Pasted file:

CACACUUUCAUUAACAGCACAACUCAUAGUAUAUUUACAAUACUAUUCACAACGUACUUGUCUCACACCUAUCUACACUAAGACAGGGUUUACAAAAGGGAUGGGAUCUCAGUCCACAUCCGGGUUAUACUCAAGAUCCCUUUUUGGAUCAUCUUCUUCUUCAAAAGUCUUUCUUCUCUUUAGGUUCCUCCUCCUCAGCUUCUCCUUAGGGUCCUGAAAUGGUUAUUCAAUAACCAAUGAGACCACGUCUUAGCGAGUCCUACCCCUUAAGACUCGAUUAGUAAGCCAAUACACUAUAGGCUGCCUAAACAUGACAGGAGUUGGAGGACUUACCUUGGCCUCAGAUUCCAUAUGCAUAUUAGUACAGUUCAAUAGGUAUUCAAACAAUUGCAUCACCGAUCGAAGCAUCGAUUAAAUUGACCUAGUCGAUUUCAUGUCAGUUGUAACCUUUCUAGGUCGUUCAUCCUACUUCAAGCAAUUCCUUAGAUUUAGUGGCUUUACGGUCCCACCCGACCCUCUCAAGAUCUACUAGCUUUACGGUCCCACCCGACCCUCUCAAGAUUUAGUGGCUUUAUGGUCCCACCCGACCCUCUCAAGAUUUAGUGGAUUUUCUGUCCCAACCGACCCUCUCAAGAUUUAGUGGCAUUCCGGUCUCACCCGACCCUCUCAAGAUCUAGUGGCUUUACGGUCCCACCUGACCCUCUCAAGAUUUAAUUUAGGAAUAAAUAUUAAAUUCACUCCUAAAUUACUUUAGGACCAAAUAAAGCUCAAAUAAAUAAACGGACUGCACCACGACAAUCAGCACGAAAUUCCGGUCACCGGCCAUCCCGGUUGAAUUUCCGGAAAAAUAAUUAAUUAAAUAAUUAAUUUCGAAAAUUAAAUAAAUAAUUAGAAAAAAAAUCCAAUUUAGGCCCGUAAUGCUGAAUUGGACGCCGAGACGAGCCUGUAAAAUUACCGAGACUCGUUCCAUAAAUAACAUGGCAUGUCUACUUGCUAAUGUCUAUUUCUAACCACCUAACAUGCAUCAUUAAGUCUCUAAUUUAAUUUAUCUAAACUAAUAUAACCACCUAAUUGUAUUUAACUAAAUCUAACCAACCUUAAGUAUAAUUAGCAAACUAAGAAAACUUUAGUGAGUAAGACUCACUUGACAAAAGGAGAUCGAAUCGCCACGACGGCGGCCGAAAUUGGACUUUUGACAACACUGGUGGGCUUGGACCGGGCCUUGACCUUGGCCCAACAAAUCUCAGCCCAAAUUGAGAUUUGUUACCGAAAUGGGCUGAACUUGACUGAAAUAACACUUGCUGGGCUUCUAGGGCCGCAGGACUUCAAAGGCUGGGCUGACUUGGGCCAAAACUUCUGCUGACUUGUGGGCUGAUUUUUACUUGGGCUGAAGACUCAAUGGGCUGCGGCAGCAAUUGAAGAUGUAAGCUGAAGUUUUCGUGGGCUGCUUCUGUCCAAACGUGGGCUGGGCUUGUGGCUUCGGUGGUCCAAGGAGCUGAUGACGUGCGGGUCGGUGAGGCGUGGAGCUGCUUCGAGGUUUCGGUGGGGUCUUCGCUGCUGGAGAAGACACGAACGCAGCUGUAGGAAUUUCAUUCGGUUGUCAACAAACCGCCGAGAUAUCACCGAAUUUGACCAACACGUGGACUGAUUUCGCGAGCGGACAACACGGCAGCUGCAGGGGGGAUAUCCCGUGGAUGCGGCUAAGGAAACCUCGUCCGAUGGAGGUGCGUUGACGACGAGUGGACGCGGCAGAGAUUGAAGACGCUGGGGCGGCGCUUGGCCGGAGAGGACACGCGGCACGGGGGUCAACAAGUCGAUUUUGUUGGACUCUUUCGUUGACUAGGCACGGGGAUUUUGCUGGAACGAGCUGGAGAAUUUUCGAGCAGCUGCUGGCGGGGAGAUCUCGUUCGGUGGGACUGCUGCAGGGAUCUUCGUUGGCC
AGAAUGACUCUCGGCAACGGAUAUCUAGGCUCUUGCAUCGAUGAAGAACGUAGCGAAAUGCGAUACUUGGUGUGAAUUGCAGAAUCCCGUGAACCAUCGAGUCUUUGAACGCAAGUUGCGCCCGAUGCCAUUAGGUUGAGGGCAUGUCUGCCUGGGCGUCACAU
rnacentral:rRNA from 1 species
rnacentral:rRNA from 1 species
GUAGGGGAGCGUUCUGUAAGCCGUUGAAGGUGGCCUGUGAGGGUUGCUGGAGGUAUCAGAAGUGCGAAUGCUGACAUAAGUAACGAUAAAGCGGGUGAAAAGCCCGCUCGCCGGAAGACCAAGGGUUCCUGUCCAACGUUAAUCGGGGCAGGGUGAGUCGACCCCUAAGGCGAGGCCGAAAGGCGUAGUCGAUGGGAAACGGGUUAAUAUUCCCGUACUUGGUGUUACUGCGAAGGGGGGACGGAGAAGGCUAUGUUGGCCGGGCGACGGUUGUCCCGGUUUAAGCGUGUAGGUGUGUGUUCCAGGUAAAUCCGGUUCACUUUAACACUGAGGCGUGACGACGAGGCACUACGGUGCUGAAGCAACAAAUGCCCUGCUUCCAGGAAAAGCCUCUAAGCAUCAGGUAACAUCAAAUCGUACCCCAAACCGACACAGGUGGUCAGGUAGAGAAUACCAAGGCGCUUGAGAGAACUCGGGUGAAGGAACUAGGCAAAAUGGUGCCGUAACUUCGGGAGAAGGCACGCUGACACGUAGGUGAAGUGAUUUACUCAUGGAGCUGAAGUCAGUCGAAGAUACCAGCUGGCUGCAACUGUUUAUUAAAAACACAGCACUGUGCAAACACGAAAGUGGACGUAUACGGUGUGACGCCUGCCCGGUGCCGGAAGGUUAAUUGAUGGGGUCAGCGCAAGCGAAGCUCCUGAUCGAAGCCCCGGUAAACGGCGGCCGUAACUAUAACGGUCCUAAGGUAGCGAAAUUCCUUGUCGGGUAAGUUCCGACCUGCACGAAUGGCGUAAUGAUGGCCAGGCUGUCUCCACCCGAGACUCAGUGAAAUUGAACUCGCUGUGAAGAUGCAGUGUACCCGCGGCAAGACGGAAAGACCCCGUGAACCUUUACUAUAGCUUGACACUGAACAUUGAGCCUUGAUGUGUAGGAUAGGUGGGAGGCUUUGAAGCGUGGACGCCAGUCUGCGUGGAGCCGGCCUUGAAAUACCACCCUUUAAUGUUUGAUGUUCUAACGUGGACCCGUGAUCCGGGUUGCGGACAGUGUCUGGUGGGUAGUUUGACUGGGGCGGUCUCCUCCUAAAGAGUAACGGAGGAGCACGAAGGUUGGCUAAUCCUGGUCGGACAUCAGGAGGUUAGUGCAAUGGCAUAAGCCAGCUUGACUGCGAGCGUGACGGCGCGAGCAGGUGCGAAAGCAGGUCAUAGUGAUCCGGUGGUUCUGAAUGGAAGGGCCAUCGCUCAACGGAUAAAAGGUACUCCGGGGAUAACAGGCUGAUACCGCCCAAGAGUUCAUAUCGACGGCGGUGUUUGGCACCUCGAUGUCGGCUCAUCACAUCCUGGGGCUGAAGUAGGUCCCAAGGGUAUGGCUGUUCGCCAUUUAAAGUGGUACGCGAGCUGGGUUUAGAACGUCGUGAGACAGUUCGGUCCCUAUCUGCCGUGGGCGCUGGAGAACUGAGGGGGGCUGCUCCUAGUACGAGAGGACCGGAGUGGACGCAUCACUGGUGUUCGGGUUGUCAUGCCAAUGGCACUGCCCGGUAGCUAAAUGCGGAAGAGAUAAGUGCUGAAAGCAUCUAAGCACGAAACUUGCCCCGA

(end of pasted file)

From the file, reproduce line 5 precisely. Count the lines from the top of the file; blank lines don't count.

GUAGGGGAGCGUUCUGUAAGCCGUUGAAGGUGGCCUGUGAGGGUUGCUGGAGGUAUCAGAAGUGCGAAUGCUGACAUAAGUAACGAUAAAGCGGGUGAAAAGCCCGCUCGCCGGAAGACCAAGGGUUCCUGUCCAACGUUAAUCGGGGCAGGGUGAGUCGACCCCUAAGGCGAGGCCGAAAGGCGUAGUCGAUGGGAAACGGGUUAAUAUUCCCGUACUUGGUGUUACUGCGAAGGGGGGACGGAGAAGGCUAUGUUGGCCGGGCGACGGUUGUCCCGGUUUAAGCGUGUAGGUGUGUGUUCCAGGUAAAUCCGGUUCACUUUAACACUGAGGCGUGACGACGAGGCACUACGGUGCUGAAGCAACAAAUGCCCUGCUUCCAGGAAAAGCCUCUAAGCAUCAGGUAACAUCAAAUCGUACCCCAAACCGACACAGGUGGUCAGGUAGAGAAUACCAAGGCGCUUGAGAGAACUCGGGUGAAGGAACUAGGCAAAAUGGUGCCGUAACUUCGGGAGAAGGCACGCUGACACGUAGGUGAAGUGAUUUACUCAUGGAGCUGAAGUCAGUCGAAGAUACCAGCUGGCUGCAACUGUUUAUUAAAAACACAGCACUGUGCAAACACGAAAGUGGACGUAUACGGUGUGACGCCUGCCCGGUGCCGGAAGGUUAAUUGAUGGGGUCAGCGCAAGCGAAGCUCCUGAUCGAAGCCCCGGUAAACGGCGGCCGUAACUAUAACGGUCCUAAGGUAGCGAAAUUCCUUGUCGGGUAAGUUCCGACCUGCACGAAUGGCGUAAUGAUGGCCAGGCUGUCUCCACCCGAGACUCAGUGAAAUUGAACUCGCUGUGAAGAUGCAGUGUACCCGCGGCAAGACGGAAAGACCCCGUGAACCUUUACUAUAGCUUGACACUGAACAUUGAGCCUUGAUGUGUAGGAUAGGUGGGAGGCUUUGAAGCGUGGACGCCAGUCUGCGUGGAGCCGGCCUUGAAAUACCACCCUUUAAUGUUUGAUGUUCUAACGUGGACCCGUGAUCCGGGUUGCGGACAGUGUCUGGUGGGUAGUUUGACUGGGGCGGUCUCCUCCUAAAGAGUAACGGAGGAGCACGAAGGUUGGCUAAUCCUGGUCGGACAUCAGGAGGUUAGUGCAAUGGCAUAAGCCAGCUUGACUGCGAGCGUGACGGCGCGAGCAGGUGCGAAAGCAGGUCAUAGUGAUCCGGUGGUUCUGAAUGGAAGGGCCAUCGCUCAACGGAUAAAAGGUACUCCGGGGAUAACAGGCUGAUACCGCCCAAGAGUUCAUAUCGACGGCGGUGUUUGGCACCUCGAUGUCGGCUCAUCACAUCCUGGGGCUGAAGUAGGUCCCAAGGGUAUGGCUGUUCGCCAUUUAAAGUGGUACGCGAGCUGGGUUUAGAACGUCGUGAGACAGUUCGGUCCCUAUCUGCCGUGGGCGCUGGAGAACUGAGGGGGGCUGCUCCUAGUACGAGAGGACCGGAGUGGACGCAUCACUGGUGUUCGGGUUGUCAUGCCAAUGGCACUGCCCGGUAGCUAAAUGCGGAAGAGAUAAGUGCUGAAAGCAUCUAAGCACGAAACUUGCCCCGA